A new simple way to Alexify everything heralds an inclusive future for all

Recent additions to the smartspeaker toolkit, enabling products of all shapes and sizes to suddenly become smart, are set to revolutionise access for people with disabilities - oh, and it'll mean that everyone else can save themselves from a lot of boring button-pushing, tiresome screen-tapping and unnecessary knob-fiddling too.

Smarten your surroundings and step up accessibility

In a recent post on how even the Rubik's Cube now has Bluetooth I sketched out the vision that smarter, more connected devices are better for everyone. In a nutshell, if a product isn't accessible to someone with a disability (perhaps they can't see or manipulate its controls or otherwise interpret or interact with its interface), then an additional option of driving that device by way of a smartspeaker suddenly makes that product accessible  - and simultaneously sexy too (IMHO). And before you become too concerned that smartspeakers must surely be excluding those with no speech or hearing, think again as both leading products (the Amazon Echo and Google Home) have options for spoken output to be displayed on a screen and instructions entered by text or via a menu of commonly used commands.

The popularity of such smartspeakers has led to a proliferation of associated connected products. From microwaves to fridges, from TVs to thermostats, from standard lamps to singing fish, every new device isn't considered complete without automatic Alexafication.

Singing fish - Billy the Bigmouth Bass

However, I predict that this explosion of Alexa and Google-connected gadgets is soon set to go supernova. With the advent of two tiny gizmos - the Alexa Connect Kit and the Google Assistant Connect - that make the process even easier, cheaper and more secure, the time is upon us when you'll be hard-strapped to source any new appliance that doesn't have connectivity with Alexa or the Google Assistant (or both) thoroughly baked-in. 

That might sound alarming - and the two most obvious concerns would be around privacy and cost. 

As for privacy - that boat sailed long ago. Unless you decline to have a smartphone or smartspeaker in your home then you're probably already resigned to the possibility that companies (and even governments) are able to eavesdrop on us at will. I personally don't think that this is an inevitability of this wonderful new tech, but I'm open to the prospect and resigned to it.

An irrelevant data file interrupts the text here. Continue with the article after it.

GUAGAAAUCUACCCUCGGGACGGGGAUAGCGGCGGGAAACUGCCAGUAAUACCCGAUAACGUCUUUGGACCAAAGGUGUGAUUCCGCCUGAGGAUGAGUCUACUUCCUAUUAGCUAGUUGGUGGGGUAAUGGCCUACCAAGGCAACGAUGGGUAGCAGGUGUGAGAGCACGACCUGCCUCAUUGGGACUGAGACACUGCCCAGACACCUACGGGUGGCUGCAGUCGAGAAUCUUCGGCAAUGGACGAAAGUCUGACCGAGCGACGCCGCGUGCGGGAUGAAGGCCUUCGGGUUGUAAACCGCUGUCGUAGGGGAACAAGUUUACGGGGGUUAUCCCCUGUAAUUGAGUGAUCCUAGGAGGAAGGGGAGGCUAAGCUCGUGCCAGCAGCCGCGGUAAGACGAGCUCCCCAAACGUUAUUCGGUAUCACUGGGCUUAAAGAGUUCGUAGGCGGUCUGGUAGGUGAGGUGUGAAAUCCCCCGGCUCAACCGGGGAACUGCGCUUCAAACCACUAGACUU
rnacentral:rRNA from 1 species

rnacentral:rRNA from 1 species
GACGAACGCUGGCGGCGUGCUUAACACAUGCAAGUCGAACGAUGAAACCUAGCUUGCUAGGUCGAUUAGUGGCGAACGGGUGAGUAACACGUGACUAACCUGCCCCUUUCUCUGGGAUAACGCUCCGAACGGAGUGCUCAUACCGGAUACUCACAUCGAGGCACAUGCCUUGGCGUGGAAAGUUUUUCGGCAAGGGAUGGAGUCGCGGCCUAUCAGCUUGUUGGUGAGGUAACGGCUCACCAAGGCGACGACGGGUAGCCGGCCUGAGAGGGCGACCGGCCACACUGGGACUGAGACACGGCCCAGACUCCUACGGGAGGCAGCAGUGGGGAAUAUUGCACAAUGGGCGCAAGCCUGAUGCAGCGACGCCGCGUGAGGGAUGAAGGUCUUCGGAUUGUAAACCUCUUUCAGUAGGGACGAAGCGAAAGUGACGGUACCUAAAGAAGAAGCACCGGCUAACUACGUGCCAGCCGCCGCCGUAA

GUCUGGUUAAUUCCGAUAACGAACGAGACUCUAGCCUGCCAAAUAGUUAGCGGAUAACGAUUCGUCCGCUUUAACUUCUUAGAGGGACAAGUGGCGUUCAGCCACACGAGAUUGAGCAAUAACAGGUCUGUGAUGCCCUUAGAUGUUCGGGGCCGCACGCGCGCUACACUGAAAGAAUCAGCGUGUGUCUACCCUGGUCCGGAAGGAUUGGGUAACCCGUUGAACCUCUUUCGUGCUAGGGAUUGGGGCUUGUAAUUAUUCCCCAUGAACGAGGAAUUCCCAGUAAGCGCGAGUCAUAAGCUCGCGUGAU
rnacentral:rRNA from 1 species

As for cost, well the beauty of these new tiny smart-connection gizmos is that they're cheap - really cheap. They're also a self-contained system on a single chip that handles all the fiddly wi-fi connectivity, security protocols and access to the AI services of the smart assistant. Thus Any modern appliance can be turned into a smart-speaker-enabled device with little or no cost needing to be passed on to the customer. 

A great example is the Amazon Basics Microwave which is full-featured, high-powered and a snip at $59.99 (alas still US-only for now).

Photo of the Alexa microwave on a kitchen counter next to a bowl of popcorn

Embracing a smarter, more connected future

So I, for one, welcome our AI overlords and embrace a future where we have options. With smart-assistant-connected appliances we'll have the option of asking an ever-listening assistant to turn up the heat, turn on the oven, set the microwave to defrost half a pound of halibut or call a friend (or an ambulance) regardless of whether we have the ability to do this another, more conventional way or not. 

So bless Amazon, Google and all other smartspeaker suppliers both now and in the future. Keep our options broad, our devices connected and secure - and please, pretty please, don't spy on us unless you really, really have to.

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